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 Post subject: Re: 11th Chunlan Cup
Post #41 Posted: Fri Dec 23, 2016 2:50 am 
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According to Nie Wei Ping in this video
https://www.youtube.com/watch?v=Ys3Rl9bhXrM

white had a good start after the first exchange at the top right (after W Q12, white right side has almost no aji whereas black influence at the top still needs to be demonstrated).

Then after the second exchange in the left bottom and white got sente to play the G16 move, annihilating black's top influence, the game was almost lost for Ke Jie.

In the post match interview,
http://www.youtube.com/watch?v=Ys3Rl9bhXrM&t=43m0s

Ke Jie said that he still doesn't know what is the good play for black after the first exchange at the top right since he too thinks that white is better.


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 Post subject: Re: 11th Chunlan Cup
Post #42 Posted: Fri Dec 23, 2016 3:24 am 
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Thanks for the comments about the top right: that attachment does seem to be played a lot these days in a variety of positions and gets some nice results. But I can't help but wonder if the blame can be traced back to the solid connect at the lower right (move 11). I know this is a very common move, and the idea is to not give white the sente turn (though not 100% as we see in related AlphaGo opening) to bolster the right side so leaving more severe invasion aji, but it just looks so inefficient to me with the original shimari stone. I had a look at ps.waltheri and it has a bad win percentage whilst push on top is good, so I think my feelings may be be onto something here. I can't imagine AlphaGo would play the connection, and in the related AlphaGo opening with a 3-4 high approach attach under joseki in progress at top right it famously prefers to push on top instead of descend to 2nd line.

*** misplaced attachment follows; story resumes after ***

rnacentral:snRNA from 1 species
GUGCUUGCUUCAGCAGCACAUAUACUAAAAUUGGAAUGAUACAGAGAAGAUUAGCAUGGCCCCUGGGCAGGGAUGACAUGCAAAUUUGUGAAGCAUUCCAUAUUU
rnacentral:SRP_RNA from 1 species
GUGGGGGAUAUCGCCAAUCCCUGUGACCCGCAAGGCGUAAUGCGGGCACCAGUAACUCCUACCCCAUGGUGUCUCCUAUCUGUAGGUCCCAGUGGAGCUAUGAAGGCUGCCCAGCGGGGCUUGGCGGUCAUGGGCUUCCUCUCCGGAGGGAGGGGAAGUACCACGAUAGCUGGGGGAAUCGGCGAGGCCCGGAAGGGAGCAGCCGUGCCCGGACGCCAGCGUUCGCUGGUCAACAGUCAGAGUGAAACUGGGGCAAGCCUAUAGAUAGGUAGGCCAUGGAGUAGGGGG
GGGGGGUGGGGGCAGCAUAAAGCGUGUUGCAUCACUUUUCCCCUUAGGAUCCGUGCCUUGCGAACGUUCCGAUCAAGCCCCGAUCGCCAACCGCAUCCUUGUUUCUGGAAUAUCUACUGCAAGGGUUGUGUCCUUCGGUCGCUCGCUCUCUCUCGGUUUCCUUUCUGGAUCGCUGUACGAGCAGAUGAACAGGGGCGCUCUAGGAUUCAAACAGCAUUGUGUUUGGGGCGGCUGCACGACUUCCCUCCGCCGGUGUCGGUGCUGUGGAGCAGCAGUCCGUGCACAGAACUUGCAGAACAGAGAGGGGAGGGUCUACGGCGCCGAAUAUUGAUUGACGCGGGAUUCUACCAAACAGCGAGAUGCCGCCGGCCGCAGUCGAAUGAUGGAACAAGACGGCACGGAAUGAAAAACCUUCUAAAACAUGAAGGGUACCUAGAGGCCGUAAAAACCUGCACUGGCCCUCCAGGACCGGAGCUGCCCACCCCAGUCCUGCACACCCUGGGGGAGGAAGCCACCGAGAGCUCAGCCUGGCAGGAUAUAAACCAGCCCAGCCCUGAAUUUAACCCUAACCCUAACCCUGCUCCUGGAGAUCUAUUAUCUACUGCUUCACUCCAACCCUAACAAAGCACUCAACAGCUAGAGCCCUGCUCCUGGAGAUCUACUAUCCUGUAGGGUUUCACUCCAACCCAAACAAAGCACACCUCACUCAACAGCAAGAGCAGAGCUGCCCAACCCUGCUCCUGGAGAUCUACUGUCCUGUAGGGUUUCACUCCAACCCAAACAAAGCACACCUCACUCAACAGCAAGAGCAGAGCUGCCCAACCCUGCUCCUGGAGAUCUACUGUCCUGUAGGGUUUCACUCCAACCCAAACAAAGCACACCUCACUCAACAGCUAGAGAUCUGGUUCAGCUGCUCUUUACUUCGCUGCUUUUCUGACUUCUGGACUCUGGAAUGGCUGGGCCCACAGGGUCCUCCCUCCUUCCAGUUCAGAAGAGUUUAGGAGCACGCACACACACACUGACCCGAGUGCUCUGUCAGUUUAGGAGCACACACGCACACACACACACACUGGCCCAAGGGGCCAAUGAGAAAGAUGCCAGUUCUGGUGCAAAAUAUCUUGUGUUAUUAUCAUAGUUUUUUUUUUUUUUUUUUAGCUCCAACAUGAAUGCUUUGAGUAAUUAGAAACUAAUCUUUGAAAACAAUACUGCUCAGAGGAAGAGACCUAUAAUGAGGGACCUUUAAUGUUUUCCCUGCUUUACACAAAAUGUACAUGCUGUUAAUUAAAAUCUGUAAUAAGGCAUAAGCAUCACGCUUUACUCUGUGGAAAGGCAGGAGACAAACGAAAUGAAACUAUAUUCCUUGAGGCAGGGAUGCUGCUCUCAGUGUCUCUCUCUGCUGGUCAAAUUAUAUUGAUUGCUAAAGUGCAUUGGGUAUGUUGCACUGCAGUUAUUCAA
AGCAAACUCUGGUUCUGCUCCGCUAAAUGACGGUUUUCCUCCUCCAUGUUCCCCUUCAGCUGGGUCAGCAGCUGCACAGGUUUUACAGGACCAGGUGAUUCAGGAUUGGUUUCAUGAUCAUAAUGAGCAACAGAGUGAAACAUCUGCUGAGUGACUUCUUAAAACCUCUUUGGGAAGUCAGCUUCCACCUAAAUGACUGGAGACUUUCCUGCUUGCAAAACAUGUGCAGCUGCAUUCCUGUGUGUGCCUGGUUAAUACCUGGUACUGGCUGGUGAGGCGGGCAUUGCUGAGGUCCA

Attachment:
SolidConnect.GIF
SolidConnect.GIF [ 92.84 KiB | Viewed 1893 times ]

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 Post subject: Re: 11th Chunlan Cup
Post #43 Posted: Fri Dec 23, 2016 3:56 am 
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Uberdude wrote:
Thanks for the comments about the top right: that attachment does seem to be played a lot these days in a variety of positions and gets some nice results. But I can't help but wonder if the blame can be traced back to the solid connect at the lower right (move 11). I know this is a very common move, and the idea is to not give white the sente turn (though not 100% as we see in related AlphaGo opening) to bolster the right side so leaving more severe invasion aji, but it just looks so inefficient to me with the original shimari stone. I had a look at ps.waltheri and it has a bad win percentage whilst push on top is good, so I think my feelings may be be onto something here. I can't imagine AlphaGo would play the connection, and in the related AlphaGo opening with a 3-4 high approach attach under joseki in progress at top right it famously prefers to push on top instead of descend to 2nd line.
Attachment:
SolidConnect.GIF


Hi, could you tell me what website or application your screen capture is from? Thank you!

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 Post subject: Re: 11th Chunlan Cup
Post #44 Posted: Fri Dec 23, 2016 3:59 am 
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http://ps.waltheri.net/ made by Jan Prokop, a Czech player.


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 Post subject: Re: 11th Chunlan Cup